In many ways, men and women are the same, and in many ways men and women are different. Does intermittent fasting (IF) affect women differently from men? Is fasting healthy for women? How does IF affect women’s hormones? Let’s discuss intermittent fasting for women.
Intermittent fasting describes a pattern of eating and not eating. IF focuses on when to eat rather than what to eat by incorporating fasting and feeding windows into your schedule. Fasting means you refrain from eating food for a certain time period, which gives your digestive system a break.
Our ancestors had to deal with unpredictable periods of feast and famine, making them more metabolically adapted. Today, most people fast overnight during sleep and break the fast in the morning with breakfast.
Intermittent fasting involves fasting at specific intervals, and it’s been shown to be beneficial for weight and fat loss, diabetes, heart disease, improving psychological well-being, reducing inflammation, and preserving muscle mass. Inflammation is a key driver for countless chronic diseases.   
IF also means less time in the kitchen and fewer meals to plan, prep, and cook.
It’s common for keto dieters to practice short-term intermittent fasting between 12-24 hours, but some occasionally practice long-term fasting for 24 hours or longer to yield other health benefits. Others fast on alternate days or fast for 24 hours two days a week.
Some evidence shows intermittent fasting might be more beneficial for men than women, but this doesn’t mean there aren’t still important health benefits for women.
Some women claim they experienced changes to their menstrual cycle after fasting, which could be partly because female bodies seem especially sensitive to calorie restriction. Fasting for too long or too frequently might affect a part of the brain called the hypothalamus.
This could disrupt secretion of gonadotropin-releasing hormone (GnRH), a hormone that aids the release of two reproductive hormones: follicle-stimulating hormone (FSH) and luteinizing hormone (LH). When the ovaries and hormones aren’t communicating properly, there’s a heightened risk of infertility, poor bone health, irregular periods, and more.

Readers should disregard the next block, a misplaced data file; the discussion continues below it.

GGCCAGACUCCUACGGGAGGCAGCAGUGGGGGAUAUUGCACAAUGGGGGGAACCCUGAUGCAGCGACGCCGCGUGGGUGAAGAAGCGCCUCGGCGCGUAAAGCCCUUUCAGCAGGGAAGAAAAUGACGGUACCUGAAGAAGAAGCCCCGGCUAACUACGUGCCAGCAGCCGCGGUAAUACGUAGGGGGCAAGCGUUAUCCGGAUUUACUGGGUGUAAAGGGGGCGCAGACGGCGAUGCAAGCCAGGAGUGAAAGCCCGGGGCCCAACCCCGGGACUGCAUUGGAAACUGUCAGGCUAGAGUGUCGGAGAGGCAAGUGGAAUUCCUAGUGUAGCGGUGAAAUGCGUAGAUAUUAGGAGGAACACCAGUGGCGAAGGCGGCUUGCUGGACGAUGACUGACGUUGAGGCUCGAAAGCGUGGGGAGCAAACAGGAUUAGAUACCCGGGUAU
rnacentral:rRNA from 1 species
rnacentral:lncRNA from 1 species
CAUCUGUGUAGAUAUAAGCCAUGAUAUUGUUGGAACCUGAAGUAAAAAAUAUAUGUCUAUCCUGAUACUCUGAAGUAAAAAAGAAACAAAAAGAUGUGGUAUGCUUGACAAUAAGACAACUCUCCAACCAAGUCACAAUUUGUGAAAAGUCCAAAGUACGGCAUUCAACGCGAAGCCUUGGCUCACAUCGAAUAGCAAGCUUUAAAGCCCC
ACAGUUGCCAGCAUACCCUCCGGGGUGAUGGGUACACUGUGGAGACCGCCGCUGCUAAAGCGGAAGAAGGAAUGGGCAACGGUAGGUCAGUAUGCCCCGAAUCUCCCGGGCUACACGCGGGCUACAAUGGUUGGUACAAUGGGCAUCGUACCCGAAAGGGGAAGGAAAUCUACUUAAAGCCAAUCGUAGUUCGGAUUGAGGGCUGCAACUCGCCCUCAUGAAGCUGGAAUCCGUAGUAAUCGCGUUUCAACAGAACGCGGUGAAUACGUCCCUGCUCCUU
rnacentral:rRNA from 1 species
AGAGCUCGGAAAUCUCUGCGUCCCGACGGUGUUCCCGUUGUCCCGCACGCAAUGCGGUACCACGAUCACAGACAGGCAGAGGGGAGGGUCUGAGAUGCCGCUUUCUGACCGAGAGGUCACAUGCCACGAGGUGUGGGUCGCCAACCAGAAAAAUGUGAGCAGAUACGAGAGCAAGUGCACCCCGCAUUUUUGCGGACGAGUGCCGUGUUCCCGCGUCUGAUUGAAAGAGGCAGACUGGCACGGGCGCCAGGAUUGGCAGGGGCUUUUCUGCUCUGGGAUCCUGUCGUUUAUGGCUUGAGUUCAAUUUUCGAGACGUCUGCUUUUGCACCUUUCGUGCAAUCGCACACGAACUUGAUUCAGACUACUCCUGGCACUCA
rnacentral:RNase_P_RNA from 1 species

On the other hand, obese women with PCOS who restricted calories to 1,000 per day for one week saw increased levels of the luteinizing hormone that regulates ovulation, showing possible benefits of calorie restriction for the female reproductive system. 
Of course, not all women are the same, but women might need to consider a modified approach to intermittent fasting. Women that are going through menopause might also require a different and more tailored approach to IF. More long-term research on IF and how it affects women are needed.
Intermittent fasting has plenty of benefits for women. Here are some of the most widely researched and discussed:
IF could help you along your weight loss journey. Regular short-term fasts could help you shed pounds and consume fewer calories.
When it comes to short-term weight loss, several studies reveal IF is as effective as traditional calorie-restricted diets. 
A review highlighted how IF decreased body weight by 3-8% in obese or overweight adults over the course of 3-24 weeks. Participants had also reduced their waist circumference by 3-7%! 
Another review of studies in overweight adults over a 3-12 month period showed IF led to an average weight loss of 15 lbs (6.8 k.g). 
More research is needed on the long-term effects of intermittent fasting on weight loss for women. In the short term, IF seems to assist weight loss, but this could also depend on how long you incorporate IF and the number of calories and type of foods you consume.
A ketogenic diet has proven helpful for women pursuing weight loss, and many women pair a keto diet with intermittent fasting for best results.